Climate influence on mercury in Arctic seabirds

Last modified: 
December 13, 2019 - 12:44pm
Type: Journal Article
Year of publication: In Press
Authors: Karen Foster, Birgit Braune, Anthony Gaston, Mark Mallory
Journal title: Science of The Total Environment
ISSN: 00489697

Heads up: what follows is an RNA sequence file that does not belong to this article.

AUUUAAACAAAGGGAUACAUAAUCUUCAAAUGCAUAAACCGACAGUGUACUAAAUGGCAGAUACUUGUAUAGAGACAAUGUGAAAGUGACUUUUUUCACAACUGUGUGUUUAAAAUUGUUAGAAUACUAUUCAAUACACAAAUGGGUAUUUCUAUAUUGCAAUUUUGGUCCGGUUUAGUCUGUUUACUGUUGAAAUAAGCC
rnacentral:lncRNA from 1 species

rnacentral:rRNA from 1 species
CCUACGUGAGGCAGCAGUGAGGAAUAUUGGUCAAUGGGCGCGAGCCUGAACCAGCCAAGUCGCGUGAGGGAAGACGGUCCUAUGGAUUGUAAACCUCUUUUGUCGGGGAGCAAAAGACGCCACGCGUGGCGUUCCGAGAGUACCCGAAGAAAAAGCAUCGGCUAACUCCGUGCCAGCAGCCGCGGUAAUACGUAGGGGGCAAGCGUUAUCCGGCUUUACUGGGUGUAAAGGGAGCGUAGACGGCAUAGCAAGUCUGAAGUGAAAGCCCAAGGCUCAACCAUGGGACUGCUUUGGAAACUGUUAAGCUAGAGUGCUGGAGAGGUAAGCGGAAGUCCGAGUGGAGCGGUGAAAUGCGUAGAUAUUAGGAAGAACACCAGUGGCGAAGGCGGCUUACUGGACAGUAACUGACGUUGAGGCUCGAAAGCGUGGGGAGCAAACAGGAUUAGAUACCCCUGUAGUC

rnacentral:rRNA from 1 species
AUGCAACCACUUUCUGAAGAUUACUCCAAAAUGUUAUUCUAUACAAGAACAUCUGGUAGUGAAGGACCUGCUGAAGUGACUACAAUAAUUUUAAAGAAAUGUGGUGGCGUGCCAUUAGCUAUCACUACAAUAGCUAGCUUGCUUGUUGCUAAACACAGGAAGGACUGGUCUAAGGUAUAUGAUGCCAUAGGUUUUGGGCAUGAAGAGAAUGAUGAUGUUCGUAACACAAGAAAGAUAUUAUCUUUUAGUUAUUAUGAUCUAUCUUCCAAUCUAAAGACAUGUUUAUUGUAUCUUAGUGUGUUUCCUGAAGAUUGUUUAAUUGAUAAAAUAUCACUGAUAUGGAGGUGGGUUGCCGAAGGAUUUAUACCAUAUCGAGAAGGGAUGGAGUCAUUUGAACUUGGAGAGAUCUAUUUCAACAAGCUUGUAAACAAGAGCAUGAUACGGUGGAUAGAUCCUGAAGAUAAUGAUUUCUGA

The historic influence of interannual weather and climate variability on total mercury concentrations (THg) in the eggs of two species of Arctic seabird in the Canadian High Arctic was investigated. Time series of THg in the eggs of northern fulmars (Fulmarus glacialis) and thick-billed murres (Uria lomvia) from Prince Leopold Island span 40 years (1975–2014), making these among the longest time series available for contaminants in Arctic wildlife and uniquely suitable for evaluation of long-term climate and weather influence. We compiled a suite of weather and climate time series reflecting atmospheric (air temperature, wind speed, sea level pressure) and oceanic (sea surface temperature, sea ice cover) conditions, atmosphere-ocean transfer (snow and rain), as well as broad-scale teleconnection indices such as the Arctic Oscillation (AO) and North Atlantic Oscillation (NAO). We staggered these to the optimal time lag, then in a tiered approach of successive General Linear Models (GLMs), strategically added them to GLMs to identify possible key predictors and assess any main effects on THg concentrations. We investigated time lags of 0 to 10 years between weather/climate shifts and egg collections. For both fulmars and murres, after time lags of two to seven years, the most parsimonious models included NAO and temperature, and for murres, snowfall, while the fulmar model also included sea ice. Truncated versions of the datasets (2005–2014), reflective of typical time series length for THg in Arctic wildlife, were separately assessed and generally identified similar weather predictors and effects as the full time series, but not for NAO, indicating that longer time series are more effective at elucidating relationships with broad scale climate indices. Overall, the results suggest a significant and larger than expected effect of weather and climate on THg concentrations in Arctic seabirds.

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